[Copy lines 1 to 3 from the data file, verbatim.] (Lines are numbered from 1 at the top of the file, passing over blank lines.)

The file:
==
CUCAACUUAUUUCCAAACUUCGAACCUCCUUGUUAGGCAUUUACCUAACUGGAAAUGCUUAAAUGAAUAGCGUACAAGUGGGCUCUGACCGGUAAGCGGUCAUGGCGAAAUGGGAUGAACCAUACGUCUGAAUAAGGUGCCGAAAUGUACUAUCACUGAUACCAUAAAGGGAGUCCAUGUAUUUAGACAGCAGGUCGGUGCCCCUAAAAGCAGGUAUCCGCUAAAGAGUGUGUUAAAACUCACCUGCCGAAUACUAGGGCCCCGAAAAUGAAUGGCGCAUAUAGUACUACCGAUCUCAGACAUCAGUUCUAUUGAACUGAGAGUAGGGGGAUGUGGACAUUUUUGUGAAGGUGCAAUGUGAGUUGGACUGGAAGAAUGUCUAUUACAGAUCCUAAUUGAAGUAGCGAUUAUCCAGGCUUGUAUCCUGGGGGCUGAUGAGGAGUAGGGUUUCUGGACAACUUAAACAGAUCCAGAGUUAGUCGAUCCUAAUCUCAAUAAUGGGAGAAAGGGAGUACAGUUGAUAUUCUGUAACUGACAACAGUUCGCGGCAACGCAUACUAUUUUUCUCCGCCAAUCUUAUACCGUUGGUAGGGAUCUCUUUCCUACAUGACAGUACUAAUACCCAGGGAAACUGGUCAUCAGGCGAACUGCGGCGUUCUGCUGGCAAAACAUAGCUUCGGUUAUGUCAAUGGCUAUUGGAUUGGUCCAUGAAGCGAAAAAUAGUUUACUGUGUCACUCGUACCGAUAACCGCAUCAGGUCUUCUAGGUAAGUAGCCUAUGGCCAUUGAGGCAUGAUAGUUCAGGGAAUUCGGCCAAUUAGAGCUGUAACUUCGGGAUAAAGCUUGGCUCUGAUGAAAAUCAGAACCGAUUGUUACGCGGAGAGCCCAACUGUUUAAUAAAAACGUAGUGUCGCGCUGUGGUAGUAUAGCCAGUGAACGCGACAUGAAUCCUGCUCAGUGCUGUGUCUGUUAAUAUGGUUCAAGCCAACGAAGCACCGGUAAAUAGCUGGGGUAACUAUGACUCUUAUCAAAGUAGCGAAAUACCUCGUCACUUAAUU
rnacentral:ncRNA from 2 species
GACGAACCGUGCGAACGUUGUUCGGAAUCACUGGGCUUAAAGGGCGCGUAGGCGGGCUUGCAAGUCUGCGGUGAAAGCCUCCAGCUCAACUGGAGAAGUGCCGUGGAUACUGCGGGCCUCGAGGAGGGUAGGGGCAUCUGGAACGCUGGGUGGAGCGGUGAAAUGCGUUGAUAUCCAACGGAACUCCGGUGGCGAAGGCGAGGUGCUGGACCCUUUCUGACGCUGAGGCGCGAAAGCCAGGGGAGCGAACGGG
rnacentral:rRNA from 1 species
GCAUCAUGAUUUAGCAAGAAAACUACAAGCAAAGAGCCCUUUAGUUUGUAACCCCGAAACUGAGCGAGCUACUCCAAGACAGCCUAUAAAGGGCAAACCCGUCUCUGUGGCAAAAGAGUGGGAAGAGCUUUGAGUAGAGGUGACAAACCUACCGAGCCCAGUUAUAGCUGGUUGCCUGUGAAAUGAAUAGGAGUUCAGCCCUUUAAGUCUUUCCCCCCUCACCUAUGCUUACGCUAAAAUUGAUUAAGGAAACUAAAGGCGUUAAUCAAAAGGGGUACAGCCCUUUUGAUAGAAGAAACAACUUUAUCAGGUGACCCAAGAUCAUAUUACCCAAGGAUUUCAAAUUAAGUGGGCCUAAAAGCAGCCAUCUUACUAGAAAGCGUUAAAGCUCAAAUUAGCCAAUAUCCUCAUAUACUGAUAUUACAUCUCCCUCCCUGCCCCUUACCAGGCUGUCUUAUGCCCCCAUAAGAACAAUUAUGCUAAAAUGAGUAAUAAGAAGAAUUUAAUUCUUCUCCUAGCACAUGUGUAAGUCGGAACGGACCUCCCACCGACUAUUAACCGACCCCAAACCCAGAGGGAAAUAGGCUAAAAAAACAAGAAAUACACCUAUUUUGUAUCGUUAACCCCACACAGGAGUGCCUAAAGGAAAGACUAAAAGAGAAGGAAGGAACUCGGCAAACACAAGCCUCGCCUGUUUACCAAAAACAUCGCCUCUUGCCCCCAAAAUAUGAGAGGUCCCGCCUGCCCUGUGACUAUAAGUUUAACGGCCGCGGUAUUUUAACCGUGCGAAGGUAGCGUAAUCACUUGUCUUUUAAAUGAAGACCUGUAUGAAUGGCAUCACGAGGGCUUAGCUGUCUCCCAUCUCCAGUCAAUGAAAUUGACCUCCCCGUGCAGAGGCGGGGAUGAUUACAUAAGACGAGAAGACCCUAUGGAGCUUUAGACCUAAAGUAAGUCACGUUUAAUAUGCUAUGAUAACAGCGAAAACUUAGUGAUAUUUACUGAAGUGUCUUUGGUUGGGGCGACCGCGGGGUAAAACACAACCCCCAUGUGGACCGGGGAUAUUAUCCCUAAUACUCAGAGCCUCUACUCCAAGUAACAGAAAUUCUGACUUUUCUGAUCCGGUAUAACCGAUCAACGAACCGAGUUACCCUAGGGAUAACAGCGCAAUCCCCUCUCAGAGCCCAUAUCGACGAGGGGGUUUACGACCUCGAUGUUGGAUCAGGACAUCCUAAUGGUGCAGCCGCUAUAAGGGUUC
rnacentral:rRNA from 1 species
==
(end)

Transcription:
CUCAACUUAUUUCCAAACUUCGAACCUCCUUGUUAGGCAUUUACCUAACUGGAAAUGCUUAAAUGAAUAGCGUACAAGUGGGCUCUGACCGGUAAGCGGUCAUGGCGAAAUGGGAUGAACCAUACGUCUGAAUAAGGUGCCGAAAUGUACUAUCACUGAUACCAUAAAGGGAGUCCAUGUAUUUAGACAGCAGGUCGGUGCCCCUAAAAGCAGGUAUCCGCUAAAGAGUGUGUUAAAACUCACCUGCCGAAUACUAGGGCCCCGAAAAUGAAUGGCGCAUAUAGUACUACCGAUCUCAGACAUCAGUUCUAUUGAACUGAGAGUAGGGGGAUGUGGACAUUUUUGUGAAGGUGCAAUGUGAGUUGGACUGGAAGAAUGUCUAUUACAGAUCCUAAUUGAAGUAGCGAUUAUCCAGGCUUGUAUCCUGGGGGCUGAUGAGGAGUAGGGUUUCUGGACAACUUAAACAGAUCCAGAGUUAGUCGAUCCUAAUCUCAAUAAUGGGAGAAAGGGAGUACAGUUGAUAUUCUGUAACUGACAACAGUUCGCGGCAACGCAUACUAUUUUUCUCCGCCAAUCUUAUACCGUUGGUAGGGAUCUCUUUCCUACAUGACAGUACUAAUACCCAGGGAAACUGGUCAUCAGGCGAACUGCGGCGUUCUGCUGGCAAAACAUAGCUUCGGUUAUGUCAAUGGCUAUUGGAUUGGUCCAUGAAGCGAAAAAUAGUUUACUGUGUCACUCGUACCGAUAACCGCAUCAGGUCUUCUAGGUAAGUAGCCUAUGGCCAUUGAGGCAUGAUAGUUCAGGGAAUUCGGCCAAUUAGAGCUGUAACUUCGGGAUAAAGCUUGGCUCUGAUGAAAAUCAGAACCGAUUGUUACGCGGAGAGCCCAACUGUUUAAUAAAAACGUAGUGUCGCGCUGUGGUAGUAUAGCCAGUGAACGCGACAUGAAUCCUGCUCAGUGCUGUGUCUGUUAAUAUGGUUCAAGCCAACGAAGCACCGGUAAAUAGCUGGGGUAACUAUGACUCUUAUCAAAGUAGCGAAAUACCUCGUCACUUAAUU
rnacentral:ncRNA from 2 species
GACGAACCGUGCGAACGUUGUUCGGAAUCACUGGGCUUAAAGGGCGCGUAGGCGGGCUUGCAAGUCUGCGGUGAAAGCCUCCAGCUCAACUGGAGAAGUGCCGUGGAUACUGCGGGCCUCGAGGAGGGUAGGGGCAUCUGGAACGCUGGGUGGAGCGGUGAAAUGCGUUGAUAUCCAACGGAACUCCGGUGGCGAAGGCGAGGUGCUGGACCCUUUCUGACGCUGAGGCGCGAAAGCCAGGGGAGCGAACGGG